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He Makes Clear Span Metal Storage Sheds
We make portable bunk feeders, some of them up to 30 ft. long, by cutting 24-in. dia., 15-ft. long pipes in half and then welding them together end to end. The bunks mount on old car wheels and axles. We can easily pull 100 ft. of bunks around with a 3-wheeler ATV. The bunks don't weigh much and handle nice because the wheels are positioned at the center and all follow in the same tracks. A steel rod above the center of the bunks keeps cattle out.
  We made tile carriers out of a pair of big 6-ft. dia. steel reels. The reels are connected together by a long steel pipe that mounts over the bale loader on my front-end loader. We made a metal framework for each reel to connect it to the pipe. With two reels we can carry two different sizes of tile. For example, we can haul 150 ft. of 6-in. tile on one reel and 250 ft. of 4-in. tile on the other reel. The reels are supported by steel I-beams originally used by phone or electric companies to support large reels of cable. Each reel slips onto the pipe and is held on with a piece of chain.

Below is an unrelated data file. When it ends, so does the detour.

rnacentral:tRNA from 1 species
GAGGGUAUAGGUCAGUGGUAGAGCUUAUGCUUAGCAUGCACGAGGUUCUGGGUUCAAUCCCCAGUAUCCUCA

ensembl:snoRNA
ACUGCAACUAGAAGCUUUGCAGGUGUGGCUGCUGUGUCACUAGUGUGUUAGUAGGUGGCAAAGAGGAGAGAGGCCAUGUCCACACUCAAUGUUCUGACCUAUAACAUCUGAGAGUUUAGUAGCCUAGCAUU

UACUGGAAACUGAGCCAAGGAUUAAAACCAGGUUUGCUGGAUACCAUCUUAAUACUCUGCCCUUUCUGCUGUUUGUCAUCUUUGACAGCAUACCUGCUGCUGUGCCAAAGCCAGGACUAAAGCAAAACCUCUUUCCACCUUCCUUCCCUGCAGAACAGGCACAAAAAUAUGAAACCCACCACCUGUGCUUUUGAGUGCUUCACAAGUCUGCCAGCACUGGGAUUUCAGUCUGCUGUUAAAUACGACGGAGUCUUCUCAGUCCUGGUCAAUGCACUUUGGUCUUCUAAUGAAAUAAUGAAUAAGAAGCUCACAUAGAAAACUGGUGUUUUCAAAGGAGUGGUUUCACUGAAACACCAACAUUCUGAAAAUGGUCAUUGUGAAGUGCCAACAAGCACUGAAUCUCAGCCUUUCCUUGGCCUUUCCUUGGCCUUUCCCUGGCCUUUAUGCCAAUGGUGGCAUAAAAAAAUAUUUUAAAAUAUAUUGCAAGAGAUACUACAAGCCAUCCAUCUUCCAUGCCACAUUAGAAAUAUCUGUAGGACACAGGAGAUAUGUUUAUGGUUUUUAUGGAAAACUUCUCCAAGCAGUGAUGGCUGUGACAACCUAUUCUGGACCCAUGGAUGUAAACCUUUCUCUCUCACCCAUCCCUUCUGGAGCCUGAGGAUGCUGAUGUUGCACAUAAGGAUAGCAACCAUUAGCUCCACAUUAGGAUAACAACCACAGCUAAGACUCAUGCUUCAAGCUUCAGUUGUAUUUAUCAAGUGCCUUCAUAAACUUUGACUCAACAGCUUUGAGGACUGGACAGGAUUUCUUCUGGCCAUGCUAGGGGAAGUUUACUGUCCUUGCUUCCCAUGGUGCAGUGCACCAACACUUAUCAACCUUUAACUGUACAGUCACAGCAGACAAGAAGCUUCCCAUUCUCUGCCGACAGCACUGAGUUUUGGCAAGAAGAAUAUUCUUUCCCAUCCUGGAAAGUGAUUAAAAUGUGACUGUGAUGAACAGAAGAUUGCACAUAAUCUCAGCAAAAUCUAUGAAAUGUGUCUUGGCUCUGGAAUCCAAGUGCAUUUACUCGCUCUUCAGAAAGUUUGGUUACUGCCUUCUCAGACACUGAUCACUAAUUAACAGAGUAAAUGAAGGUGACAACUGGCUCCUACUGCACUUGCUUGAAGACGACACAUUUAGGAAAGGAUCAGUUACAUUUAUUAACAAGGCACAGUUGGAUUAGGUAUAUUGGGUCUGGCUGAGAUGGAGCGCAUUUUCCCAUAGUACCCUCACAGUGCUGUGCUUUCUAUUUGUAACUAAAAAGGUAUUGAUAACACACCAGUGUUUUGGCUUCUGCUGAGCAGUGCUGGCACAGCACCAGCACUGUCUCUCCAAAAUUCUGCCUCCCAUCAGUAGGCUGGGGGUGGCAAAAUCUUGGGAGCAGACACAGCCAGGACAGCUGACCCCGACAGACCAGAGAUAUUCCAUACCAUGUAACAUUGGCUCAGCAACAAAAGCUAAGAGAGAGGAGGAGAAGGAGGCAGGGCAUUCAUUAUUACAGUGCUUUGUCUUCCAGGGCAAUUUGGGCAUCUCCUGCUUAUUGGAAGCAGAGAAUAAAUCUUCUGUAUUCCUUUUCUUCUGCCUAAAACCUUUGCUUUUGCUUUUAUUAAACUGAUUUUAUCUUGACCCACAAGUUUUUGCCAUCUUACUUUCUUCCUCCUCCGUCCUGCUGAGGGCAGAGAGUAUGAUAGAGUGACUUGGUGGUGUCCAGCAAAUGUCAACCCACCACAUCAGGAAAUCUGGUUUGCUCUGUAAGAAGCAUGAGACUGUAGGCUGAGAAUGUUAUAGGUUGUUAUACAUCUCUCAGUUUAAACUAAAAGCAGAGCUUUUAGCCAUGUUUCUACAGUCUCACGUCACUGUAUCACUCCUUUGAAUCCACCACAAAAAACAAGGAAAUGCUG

We've built several clear span, metal storage sheds on our own for less than $1 per sq. ft. One shed has 72 ft. of clear span width and is 48 ft. deep. To make the trusses we buy used steel bar joists from demolition jobs around big cities in our area, where they have a lot of flat roof buildings. We weld two joists together to make a single truss. The 72 by 48-ft. building has three such trusses. Our total cost to build the 48 by 72-ft. shed was only about $2,000, which included $1,200 worth of galvanized roofing. (Donald Davies, Rt. 1, Box 194, Dawn, Mo. 84638 ph 660 745-3350; fax 3360)

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2000 - Volume #24, Issue #4